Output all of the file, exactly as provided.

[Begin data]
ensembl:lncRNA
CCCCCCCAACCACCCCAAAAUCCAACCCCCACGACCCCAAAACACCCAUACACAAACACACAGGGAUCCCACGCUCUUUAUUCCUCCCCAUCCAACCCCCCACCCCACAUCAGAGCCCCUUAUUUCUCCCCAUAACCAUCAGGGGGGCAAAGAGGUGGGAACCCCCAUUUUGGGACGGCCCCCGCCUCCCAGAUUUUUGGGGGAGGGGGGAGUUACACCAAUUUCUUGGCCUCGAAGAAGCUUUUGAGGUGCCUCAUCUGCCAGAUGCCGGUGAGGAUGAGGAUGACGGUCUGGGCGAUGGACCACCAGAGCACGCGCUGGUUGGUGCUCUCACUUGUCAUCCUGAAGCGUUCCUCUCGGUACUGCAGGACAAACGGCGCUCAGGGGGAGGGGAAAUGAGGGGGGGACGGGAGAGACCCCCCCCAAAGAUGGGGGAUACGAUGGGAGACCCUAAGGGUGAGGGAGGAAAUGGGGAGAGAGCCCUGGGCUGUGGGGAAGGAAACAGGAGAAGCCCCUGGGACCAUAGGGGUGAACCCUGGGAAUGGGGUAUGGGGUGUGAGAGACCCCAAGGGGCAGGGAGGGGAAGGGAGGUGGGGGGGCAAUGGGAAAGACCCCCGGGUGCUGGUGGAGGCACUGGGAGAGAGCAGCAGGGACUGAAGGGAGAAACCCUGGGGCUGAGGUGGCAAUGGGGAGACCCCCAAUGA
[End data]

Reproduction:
ensembl:lncRNA
CCCCCCCAACCACCCCAAAAUCCAACCCCCACGACCCCAAAACACCCAUACACAAACACACAGGGAUCCCACGCUCUUUAUUCCUCCCCAUCCAACCCCCCACCCCACAUCAGAGCCCCUUAUUUCUCCCCAUAACCAUCAGGGGGGCAAAGAGGUGGGAACCCCCAUUUUGGGACGGCCCCCGCCUCCCAGAUUUUUGGGGGAGGGGGGAGUUACACCAAUUUCUUGGCCUCGAAGAAGCUUUUGAGGUGCCUCAUCUGCCAGAUGCCGGUGAGGAUGAGGAUGACGGUCUGGGCGAUGGACCACCAGAGCACGCGCUGGUUGGUGCUCUCACUUGUCAUCCUGAAGCGUUCCUCUCGGUACUGCAGGACAAACGGCGCUCAGGGGGAGGGGAAAUGAGGGGGGGACGGGAGAGACCCCCCCCAAAGAUGGGGGAUACGAUGGGAGACCCUAAGGGUGAGGGAGGAAAUGGGGAGAGAGCCCUGGGCUGUGGGGAAGGAAACAGGAGAAGCCCCUGGGACCAUAGGGGUGAACCCUGGGAAUGGGGUAUGGGGUGUGAGAGACCCCAAGGGGCAGGGAGGGGAAGGGAGGUGGGGGGGCAAUGGGAAAGACCCCCGGGUGCUGGUGGAGGCACUGGGAGAGAGCAGCAGGGACUGAAGGGAGAAACCCUGGGGCUGAGGUGGCAAUGGGGAGACCCCCAAUGA